On March 25, 1998, Camosy filed a complaint for declaratory judgment against both Zalk-Josephs and National. In the complaint, Camosy sought a determination that: (1) National owed a duty to defend and indemnify it with regards to the Gonzalez suit or, in the alternative, (2) Zalk-Josephs was in breach of its contractual obligation to provide it with insurance coverage.

On May 5, 1998, American, as the insurer for Camosy and Zalk-Josephs, settled the Gonzalez suit. Thereafter, on October 13, 1998, American, individually and as the subrogee of Camosy, filed an amended complaint for declaratory judgment against National. In the complaint, American sought to be reimbursed for the costs it incurred regarding the Gonzalez suit. American alleged that it: (1) was subrogated to Camosy's rights and that National owed a duty to defend and indemnify Camosy with respect to the Gonzales suit or, in the alternative, (2) that it had a right to recover based on the doctrine of equitable contribution. On July 11, 2001, American filed a motion for summary judgment. National then filed a cross-motion for summary judgment on July 16, 2001. On September 28, 2001, the trial court granted National's cross-motion for summary judgment and denied American's motion.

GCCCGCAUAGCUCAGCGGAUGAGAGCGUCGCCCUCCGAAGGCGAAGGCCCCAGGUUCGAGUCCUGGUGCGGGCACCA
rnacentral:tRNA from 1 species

The issues presented in this case are whether: (1) the trial court correctly granted summary judgment when it determined that National did not receive proper notice of the Gonzalez suit and therefore was not required to provide coverage to Camosy, as an additional insured, under Zalk-Josephs' insurance policy, (2) Camosy made a timely "targeted tender" to National by notifying Zalk-Josephs of its intentions and (3) the self-insured retention (SIR) endorsement in National's insurance policy applies to Camosy.

ANALYSIS

I.

Summary judgment is proper where the pleadings, depositions, and admissions on file, together with the affidavits, if any, show that there is no genuine issue as to any material fact and that the moving party is entitled to a judgment as a matter of law. 735 ILCS 5/2-1005(c)(West 2000); Travelers Insurance Co. v. Eljer Manufacturing, Inc., 197 Ill. 2d 278, 292 (2001). In appeals from summary judgment rulings, our review is de novo. Travelers, 197 Ill. 2d at 292.